Many workers do not complain about the poor working conditions and one of the main reasons factory owners are able to get away with this is because the typical factory worker is naïve and uneducated. They believe that if they say something, then they will lose the wages they receive. Most factory workers have family counting on them to send money and working in the factory pays better than having a rural job. “Across the Chinese countryside, those plowing and harvesting the fields are elderly men and women, charged with running the farm and caring for the younger children who are still in school. Money sent home by the migrants is already the biggest source of wealth accumulation in rural China” (Chang, 2008, p.
In an article written by Alex Massie, titled "In Praise of Sweatshops"; he speaks about the many suggestions people have given on how to improve the situations in sweatshops. In his article, Alex writes, “Some even suggest that factories in Bangladesh and other developing countries be held to the same standards that apply to factories and working conditions in countries such as the United States or the United Kingdom. Intuitively, this seems an appealing argument. But it is, nevertheless, an inadequate one.” (Massie, “In Praise of Sweatshops”). In many developing countries; they lack the funds to implement change and improve standards,
One of the many reasons why Wal-mart is able to manufacture cheap products is because of the ridiculously low wages and long hours given to the workers overseas. They receive little to no benefits, breaks, or vacations. Their working hours typically start before 8A.M. and lasts until 11P.M., seven days a week and they only have ten days off in a year (185). In “The Wal-mart effect” Robina Akther, a sixteen-year old sewing operator from a factory in Dhaka, discloses that she only earns 13 cents an hour for fourteen hours a day, which is about $26.98 a month (185). Akther also mentioned, “I clean ...
China’s work force has underwent dramatic change over the last two decades. China’s work force has had much stress put on them from translational companies to make products with high efficiency for cheap. A part of globalization is trade and the global market. China has been a good example on how it can have a negative impact on a countries work force. China was a perfect place for translational companies to export there products from there. This has made china an export powerhouse. This has put a huge amount of stress on the work force and caused unnecessary problems to the workers. A big problem that workers face today is the problem of forced labour. With all the demand to get products many labourers are forced to work 36-160 hours “voluntarily to be able to receive there wages at the end of the month. Even if they do work those “voluntarily”...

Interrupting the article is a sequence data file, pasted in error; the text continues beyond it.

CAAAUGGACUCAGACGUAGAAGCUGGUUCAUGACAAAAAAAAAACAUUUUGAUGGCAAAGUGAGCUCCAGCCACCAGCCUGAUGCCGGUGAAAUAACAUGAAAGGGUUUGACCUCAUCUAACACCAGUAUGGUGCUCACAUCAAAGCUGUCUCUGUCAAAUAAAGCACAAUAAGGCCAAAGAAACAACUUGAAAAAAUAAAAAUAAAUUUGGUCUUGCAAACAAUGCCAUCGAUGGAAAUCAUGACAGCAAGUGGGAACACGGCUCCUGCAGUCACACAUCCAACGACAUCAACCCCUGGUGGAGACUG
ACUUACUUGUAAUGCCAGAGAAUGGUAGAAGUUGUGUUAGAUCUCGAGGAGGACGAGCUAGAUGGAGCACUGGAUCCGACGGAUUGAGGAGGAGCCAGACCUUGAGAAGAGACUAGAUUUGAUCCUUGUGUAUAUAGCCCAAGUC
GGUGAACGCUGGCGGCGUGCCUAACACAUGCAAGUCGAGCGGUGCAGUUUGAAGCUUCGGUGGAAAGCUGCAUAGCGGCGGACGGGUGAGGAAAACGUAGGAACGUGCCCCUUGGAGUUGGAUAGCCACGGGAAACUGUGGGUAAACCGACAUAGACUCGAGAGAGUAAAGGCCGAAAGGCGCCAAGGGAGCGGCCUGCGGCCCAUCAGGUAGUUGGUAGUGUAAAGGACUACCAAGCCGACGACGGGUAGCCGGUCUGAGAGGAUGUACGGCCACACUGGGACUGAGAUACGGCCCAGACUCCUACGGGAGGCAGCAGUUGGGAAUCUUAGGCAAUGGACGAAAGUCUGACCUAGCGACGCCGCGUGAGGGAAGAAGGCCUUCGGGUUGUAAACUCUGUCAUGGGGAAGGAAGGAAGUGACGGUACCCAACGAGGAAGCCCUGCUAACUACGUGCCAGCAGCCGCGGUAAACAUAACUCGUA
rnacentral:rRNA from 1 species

In today's shopping experience, it is nearly impossible to find a retailer who does not have a store full of products made in China. Manufactures have taken their manufacturing operation to China, the home of cheap labor, an abundant work force, and a regime that does not mind looking the other way when it comes to human rights and any possible violation of those rights. However, is the reverse true in China? Can a shopper go into a Chinese retailer and find products with the Made in the USA stamped on it. The purpose of this paper is to review a Washington Post article that examines a trade dispute between the U.S. and the Chinese.